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From Launchpad LA, Divshot focuses on improving beta, hiring engineers

Living up to its name, startup accelerator Launchpad LA has helped Kansas City-born Divshot leap into the next phase of its business.

Divshot, a drag-and-drop interface builder for web apps, was conceived in April 2012 at Startup Weekend Kansas City. Three months later, co-founders Michael Bleigh and Jake Johnson won a national pitch competition that included a finale in Los Angeles. With the win in L.A. came the opportunity to pitch at Launchpad, a Santa Monica-based accelerator founded by Mark Suster. Their momentum didn’t stop as the duo received an invite to join the accelerator.

Bleigh and Johnson promptly packed their bags and hightailed it to Los Angeles, where they have been working in the Launchpad offices since, focusing on their public beta, networking with investors and other startups and planning the next steps of their business.

With their stay at Launchpad coming to end – Bleigh said there isn’t an official end date, but that their time is “winding down” – we caught up with Divshot to hear the latest on their public beta, learn lessons from their quick move to California and find out what’s next for the Kansas City-born startup.

We conducted an email interview with Bleigh last week.

Silicon Prairie News: We last reported on Divshot in September, right after you moved to L.A. Tell us what you have been up to since then.

Michael Bleigh (right): We’ve been hard at work building the product as well as putting together the resources to make Divshot a lasting, successful business. When I look back at everything that’s happened it’s astonishing that things started just nine months ago.

SPN: How is the beta process going for you?

MB: We actually launched our public beta a full month ahead of schedule in early October when we felt like the product and market timing were right for it. So far the response has been fantastic; we have a tech-savvy base of beta users who are giving us great feedback on everything from the direction the product should take to hunting down browser-specific glitches.

This week we are releasing the biggest set of changes since the launch of the public beta, the star feature of which is full-page editing of the HTML on a Divshot page. Now professional developers don’t have to choose between a visual tool or one that lets them dig into the code, Divshot lets them have both. We really feel like the latest release lays the groundwork of our long-term vision for Divshot as a suite of tools that enable intuitive visual development while encouraging the best practices and code quality of top-tier professional web development.

SPN: Can you share any plans you have about eventually launching?

MB: There are still a few features in our roadmap that we want to make reality before we drop the beta label. One of the important ones to us is enabling team collaboration on Divshot pages so that everyone from a product stakeholder to a developer to a designer can contribute to the process seamlessly. While we don’t have an exact date planned for our full public launch, we are planning to do so in the first half of this year.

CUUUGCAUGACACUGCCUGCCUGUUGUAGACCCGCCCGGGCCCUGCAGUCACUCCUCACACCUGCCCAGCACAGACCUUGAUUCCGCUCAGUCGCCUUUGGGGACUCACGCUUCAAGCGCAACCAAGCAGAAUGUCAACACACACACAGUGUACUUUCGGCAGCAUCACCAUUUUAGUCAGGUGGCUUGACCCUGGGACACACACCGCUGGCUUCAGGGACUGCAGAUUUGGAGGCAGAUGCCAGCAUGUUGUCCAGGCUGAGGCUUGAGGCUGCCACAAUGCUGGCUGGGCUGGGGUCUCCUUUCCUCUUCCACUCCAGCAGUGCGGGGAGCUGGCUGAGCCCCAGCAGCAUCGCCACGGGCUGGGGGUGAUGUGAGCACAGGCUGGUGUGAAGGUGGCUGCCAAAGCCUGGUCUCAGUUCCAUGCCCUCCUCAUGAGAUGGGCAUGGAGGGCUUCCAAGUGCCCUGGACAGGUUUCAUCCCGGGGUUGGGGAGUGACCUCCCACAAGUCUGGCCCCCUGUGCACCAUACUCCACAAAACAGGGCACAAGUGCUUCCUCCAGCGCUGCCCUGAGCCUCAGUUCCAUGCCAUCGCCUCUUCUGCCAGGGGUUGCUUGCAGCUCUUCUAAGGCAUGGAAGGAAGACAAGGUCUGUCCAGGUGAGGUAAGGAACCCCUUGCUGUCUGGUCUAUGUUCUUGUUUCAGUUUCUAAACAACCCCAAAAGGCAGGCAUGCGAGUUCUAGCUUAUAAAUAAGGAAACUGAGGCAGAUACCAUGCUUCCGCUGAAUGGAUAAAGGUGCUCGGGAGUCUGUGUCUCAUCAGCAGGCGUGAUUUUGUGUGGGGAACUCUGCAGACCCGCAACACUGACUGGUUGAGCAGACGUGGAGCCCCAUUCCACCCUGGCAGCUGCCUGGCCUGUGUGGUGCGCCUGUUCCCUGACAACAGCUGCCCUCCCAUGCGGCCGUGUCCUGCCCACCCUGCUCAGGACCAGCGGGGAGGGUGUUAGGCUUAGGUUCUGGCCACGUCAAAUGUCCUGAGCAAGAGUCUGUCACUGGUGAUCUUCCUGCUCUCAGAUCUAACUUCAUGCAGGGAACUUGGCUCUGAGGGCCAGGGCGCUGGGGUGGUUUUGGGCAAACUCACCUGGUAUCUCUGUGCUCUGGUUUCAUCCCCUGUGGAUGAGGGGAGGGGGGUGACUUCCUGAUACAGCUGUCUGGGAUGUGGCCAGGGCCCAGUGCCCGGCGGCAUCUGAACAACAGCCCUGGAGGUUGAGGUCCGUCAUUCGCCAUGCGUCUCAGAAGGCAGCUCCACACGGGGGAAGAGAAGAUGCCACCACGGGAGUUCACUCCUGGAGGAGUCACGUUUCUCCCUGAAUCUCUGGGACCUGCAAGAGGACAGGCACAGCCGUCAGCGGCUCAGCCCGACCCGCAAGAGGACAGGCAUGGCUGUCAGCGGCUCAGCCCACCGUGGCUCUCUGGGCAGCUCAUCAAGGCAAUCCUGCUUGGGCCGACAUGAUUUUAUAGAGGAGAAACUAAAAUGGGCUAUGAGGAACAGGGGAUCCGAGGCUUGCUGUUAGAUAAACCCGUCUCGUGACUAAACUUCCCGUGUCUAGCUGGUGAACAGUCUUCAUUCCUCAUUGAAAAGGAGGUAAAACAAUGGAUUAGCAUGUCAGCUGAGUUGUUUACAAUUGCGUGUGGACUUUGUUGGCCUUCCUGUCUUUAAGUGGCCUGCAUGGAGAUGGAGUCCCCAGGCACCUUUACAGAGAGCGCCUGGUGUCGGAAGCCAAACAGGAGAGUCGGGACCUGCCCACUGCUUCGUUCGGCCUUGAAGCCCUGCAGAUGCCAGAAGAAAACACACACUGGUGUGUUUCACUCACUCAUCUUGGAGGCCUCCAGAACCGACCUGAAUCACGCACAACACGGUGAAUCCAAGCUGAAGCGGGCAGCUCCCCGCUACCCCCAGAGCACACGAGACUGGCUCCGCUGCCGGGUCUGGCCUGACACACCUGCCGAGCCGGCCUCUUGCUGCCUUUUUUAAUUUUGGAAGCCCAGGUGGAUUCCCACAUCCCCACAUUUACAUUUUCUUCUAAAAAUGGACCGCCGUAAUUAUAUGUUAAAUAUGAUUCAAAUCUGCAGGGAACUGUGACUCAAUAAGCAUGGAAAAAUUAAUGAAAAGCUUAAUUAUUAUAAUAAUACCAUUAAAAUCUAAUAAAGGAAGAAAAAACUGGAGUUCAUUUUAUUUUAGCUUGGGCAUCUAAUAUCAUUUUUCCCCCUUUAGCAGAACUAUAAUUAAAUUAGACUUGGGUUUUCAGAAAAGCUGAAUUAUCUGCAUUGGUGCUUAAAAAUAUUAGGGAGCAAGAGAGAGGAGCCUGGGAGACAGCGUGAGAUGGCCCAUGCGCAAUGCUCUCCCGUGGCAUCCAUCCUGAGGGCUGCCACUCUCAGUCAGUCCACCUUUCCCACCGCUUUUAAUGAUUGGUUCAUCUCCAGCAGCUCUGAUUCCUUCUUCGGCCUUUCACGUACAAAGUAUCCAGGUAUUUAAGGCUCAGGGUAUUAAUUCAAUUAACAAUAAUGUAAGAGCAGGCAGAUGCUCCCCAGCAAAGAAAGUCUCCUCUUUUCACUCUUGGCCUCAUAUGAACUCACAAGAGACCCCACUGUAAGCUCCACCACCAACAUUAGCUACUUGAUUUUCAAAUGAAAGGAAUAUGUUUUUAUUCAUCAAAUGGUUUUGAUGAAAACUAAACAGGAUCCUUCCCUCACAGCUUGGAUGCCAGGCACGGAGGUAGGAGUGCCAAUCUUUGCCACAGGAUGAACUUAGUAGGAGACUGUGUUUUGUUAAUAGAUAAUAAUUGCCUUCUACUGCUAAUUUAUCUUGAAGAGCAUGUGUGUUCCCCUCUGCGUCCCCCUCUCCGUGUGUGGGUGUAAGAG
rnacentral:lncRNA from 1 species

SPN: What has your experience at Launchpad LA been like?

MB: Joining a top accelerator program like Launchpad LA is a bit like drinking from a firehose; there are so many people you meet and so many resources available that it can be pretty overwhelming (but in a very good way). The people we’ve met and the connections we’ve made with investors, mentors, and even the other companies in our class have been absolutely vital to the future success of the business. The LA startup ecosystem has also been very welcoming; overall it’s been a great experience.

SPN: Have you raised the funding that you hoped to raise?

MB: We’re not ready to talk publicly about funding just yet, but we’re extremely pleased with how everything is going.

SPN: What advice would you give aspiring startup founders about going after a new idea, obtaining funding, re-locating, etc.?

MB: Doing something is 100x more important than thinking about something. Divshot started as nothing more than an experiment to see if I could build a drag-and-drop editor for HTML that would output halfway decent code. It doesn’t matter if you are technical or non-technical, what really matters is that you find a way to turn your idea into reality as soon as humanly possible.

The other thing I’d say to developers looking to build a startup is that great people are more important to the success of a business than great code. Find talented, passionate people and build lasting relationships with them, because at the end of the day code can only do so much.

SPN: It looks like you’re hiring web engineers, is that correct?

MB: Do you know any great ones? Yes, we’re hiring 2-3 engineers to help us make our roadmap reality a little faster. It’s been just the two of us on the team to this point and we’re excited to bring more people on board. If you’re passionate about web development and want to join a company aiming to play a big part in the future of the industry, get in touch with us!

SPN: What’s next for Divshot in 2013?

MB: All I can say is that this won’t be the last you hear from us in 2013 🙂

Here’s a Divshot overview video released by the company last week:

Read the latest on Divshot: “Divshot lands in Los Angeles for Launchpad accelerator“.


Credits: Photo of Bleigh from twitter.com. Video from Divshot on YouTube.

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